The second book in Philippa Gregory's "Tudor" series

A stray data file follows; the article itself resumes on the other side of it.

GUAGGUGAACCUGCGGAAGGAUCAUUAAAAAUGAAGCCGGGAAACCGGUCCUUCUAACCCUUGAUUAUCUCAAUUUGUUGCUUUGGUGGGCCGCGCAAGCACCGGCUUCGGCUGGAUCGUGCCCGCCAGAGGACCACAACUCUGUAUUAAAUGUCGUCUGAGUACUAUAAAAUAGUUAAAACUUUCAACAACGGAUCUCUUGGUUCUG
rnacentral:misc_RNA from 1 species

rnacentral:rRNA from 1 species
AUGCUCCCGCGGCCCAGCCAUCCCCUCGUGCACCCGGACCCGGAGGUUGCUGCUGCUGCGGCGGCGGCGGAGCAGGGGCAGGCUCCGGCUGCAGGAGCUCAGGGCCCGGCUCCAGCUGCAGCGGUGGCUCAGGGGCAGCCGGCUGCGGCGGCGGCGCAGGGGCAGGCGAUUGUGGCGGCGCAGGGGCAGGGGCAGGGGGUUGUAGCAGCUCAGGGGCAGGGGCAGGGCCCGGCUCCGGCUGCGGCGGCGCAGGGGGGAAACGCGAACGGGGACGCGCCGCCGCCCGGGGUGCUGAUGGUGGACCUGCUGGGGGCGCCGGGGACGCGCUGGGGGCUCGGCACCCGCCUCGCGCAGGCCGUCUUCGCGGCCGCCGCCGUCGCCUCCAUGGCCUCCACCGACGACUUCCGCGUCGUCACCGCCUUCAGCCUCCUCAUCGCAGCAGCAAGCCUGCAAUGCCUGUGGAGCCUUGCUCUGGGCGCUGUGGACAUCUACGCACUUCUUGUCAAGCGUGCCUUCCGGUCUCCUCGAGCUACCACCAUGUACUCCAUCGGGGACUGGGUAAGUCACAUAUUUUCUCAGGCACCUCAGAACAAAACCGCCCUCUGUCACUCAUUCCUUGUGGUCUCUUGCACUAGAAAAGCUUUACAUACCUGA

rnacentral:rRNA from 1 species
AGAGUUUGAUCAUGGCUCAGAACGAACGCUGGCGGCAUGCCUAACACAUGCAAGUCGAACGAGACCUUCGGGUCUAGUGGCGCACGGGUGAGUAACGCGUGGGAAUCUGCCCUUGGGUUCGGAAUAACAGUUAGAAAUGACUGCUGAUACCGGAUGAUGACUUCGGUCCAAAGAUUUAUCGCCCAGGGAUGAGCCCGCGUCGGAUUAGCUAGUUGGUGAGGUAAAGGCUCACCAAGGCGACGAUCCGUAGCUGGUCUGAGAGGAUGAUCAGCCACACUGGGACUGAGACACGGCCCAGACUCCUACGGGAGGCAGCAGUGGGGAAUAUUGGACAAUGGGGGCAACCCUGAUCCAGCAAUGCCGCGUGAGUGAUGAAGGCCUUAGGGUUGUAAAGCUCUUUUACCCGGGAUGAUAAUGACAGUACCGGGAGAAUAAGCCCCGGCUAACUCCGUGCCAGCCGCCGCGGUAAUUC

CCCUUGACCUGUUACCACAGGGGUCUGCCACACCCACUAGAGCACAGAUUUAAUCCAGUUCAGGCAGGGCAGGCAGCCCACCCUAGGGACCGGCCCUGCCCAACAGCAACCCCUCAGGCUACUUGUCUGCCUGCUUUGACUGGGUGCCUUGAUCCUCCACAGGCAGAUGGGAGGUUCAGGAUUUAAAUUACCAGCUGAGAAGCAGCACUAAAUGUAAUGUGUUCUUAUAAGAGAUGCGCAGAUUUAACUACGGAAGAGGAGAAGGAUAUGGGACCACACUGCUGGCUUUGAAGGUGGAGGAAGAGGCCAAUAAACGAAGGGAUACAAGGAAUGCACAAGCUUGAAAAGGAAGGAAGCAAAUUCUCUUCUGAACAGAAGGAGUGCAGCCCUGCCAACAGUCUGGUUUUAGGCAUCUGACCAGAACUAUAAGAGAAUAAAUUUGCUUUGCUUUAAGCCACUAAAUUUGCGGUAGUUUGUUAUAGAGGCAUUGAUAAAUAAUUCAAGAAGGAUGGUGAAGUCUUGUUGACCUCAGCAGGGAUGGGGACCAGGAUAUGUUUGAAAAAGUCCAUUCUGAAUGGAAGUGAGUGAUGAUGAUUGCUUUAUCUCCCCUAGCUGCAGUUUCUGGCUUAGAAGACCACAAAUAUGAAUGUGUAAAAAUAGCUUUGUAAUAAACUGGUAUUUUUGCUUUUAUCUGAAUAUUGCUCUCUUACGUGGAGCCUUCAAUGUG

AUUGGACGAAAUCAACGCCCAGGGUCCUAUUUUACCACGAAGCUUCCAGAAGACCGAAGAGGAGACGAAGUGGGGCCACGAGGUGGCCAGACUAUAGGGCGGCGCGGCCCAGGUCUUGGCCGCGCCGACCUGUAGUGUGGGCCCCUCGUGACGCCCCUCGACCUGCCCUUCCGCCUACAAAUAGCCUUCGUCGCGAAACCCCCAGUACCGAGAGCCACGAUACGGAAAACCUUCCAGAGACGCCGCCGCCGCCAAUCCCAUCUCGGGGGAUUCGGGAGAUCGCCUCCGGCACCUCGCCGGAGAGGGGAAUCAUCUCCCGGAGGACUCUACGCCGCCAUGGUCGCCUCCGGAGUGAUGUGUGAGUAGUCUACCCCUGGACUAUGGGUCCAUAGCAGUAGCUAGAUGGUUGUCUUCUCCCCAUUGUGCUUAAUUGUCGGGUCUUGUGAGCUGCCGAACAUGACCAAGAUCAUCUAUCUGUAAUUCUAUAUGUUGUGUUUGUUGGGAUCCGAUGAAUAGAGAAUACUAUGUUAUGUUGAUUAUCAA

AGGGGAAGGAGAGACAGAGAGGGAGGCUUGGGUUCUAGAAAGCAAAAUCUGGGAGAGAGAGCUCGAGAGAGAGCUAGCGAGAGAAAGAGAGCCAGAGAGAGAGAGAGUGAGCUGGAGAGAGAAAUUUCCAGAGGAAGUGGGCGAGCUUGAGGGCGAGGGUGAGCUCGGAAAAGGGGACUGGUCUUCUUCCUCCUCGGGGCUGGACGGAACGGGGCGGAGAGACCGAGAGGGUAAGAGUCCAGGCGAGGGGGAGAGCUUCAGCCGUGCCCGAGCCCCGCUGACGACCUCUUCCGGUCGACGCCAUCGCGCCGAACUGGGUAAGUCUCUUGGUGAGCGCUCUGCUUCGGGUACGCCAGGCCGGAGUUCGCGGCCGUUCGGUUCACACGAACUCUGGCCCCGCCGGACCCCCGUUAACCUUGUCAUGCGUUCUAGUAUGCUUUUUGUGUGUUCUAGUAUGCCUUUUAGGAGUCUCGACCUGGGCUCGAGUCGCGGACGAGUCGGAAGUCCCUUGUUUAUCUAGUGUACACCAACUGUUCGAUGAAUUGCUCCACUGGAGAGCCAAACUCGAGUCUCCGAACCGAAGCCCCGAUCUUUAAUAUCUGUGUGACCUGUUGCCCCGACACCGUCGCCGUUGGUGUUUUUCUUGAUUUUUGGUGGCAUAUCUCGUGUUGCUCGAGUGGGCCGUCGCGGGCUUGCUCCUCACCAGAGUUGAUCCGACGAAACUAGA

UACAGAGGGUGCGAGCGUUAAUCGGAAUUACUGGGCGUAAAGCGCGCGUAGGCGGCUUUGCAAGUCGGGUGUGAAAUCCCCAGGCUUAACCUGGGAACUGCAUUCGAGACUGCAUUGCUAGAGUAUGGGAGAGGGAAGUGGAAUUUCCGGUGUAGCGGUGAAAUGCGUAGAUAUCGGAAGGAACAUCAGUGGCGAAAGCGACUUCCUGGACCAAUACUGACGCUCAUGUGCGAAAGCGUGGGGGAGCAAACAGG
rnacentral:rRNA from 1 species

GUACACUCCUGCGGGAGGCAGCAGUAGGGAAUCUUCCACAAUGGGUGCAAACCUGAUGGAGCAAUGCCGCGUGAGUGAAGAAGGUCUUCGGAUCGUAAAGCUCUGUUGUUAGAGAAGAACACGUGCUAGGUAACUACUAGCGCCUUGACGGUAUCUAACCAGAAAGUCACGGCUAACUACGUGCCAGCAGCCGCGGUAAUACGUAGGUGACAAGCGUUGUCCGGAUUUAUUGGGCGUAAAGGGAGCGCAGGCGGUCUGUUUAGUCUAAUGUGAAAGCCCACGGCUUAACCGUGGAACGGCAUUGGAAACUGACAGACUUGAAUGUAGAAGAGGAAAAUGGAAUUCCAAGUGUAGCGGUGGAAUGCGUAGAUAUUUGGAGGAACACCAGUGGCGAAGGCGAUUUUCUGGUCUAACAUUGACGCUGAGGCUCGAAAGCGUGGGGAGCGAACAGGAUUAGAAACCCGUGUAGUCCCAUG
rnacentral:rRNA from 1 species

Anne Boleyn’s younger sister, Mary, was the mistress of Henry VIII long before Anne became his queen. Historical novelist Philippa Gregory uses the perspective of this "other Boleyn girl" to reveal the rivalries and ruthlessness embroiling 16th century English court. The sisters and their brother George were raised with one goal: to advance the Howard family's interests, properties, titles and riches. The Seymour family was their bitter rival. Daughters were used as pawns, brokered out by their families for sexual favors or marriage, or both at the same time. This was Mary Boleyn’s case, who was married at the age of 14 but had to abandon her husband when she became the King’s favorite. She bore Henry two children, including a son. Her older sister Anne becomes her bitter rival to gain the King’s favor and replace Catherine of Aragon as queen, knowing that Henry is desperate for a legitimate son to be his heir to the throne. Anne’s desire to be queen drives her with ruthless intensity, alienating family and foes. Mary ultimately follows her own heart and abandons court life to live with a new husband and her children in the countryside, but love and duty bring her back to Anne time and again. We know the end of this story and what led to Anne’s demise amid accusations of adultery, incest, and witchcraft. But the author deftly holds her reader’s rapt attention throughout the book, capturing the escapades of Henry VII’s court set against the backdrop of political and religious clashes throughout Europe.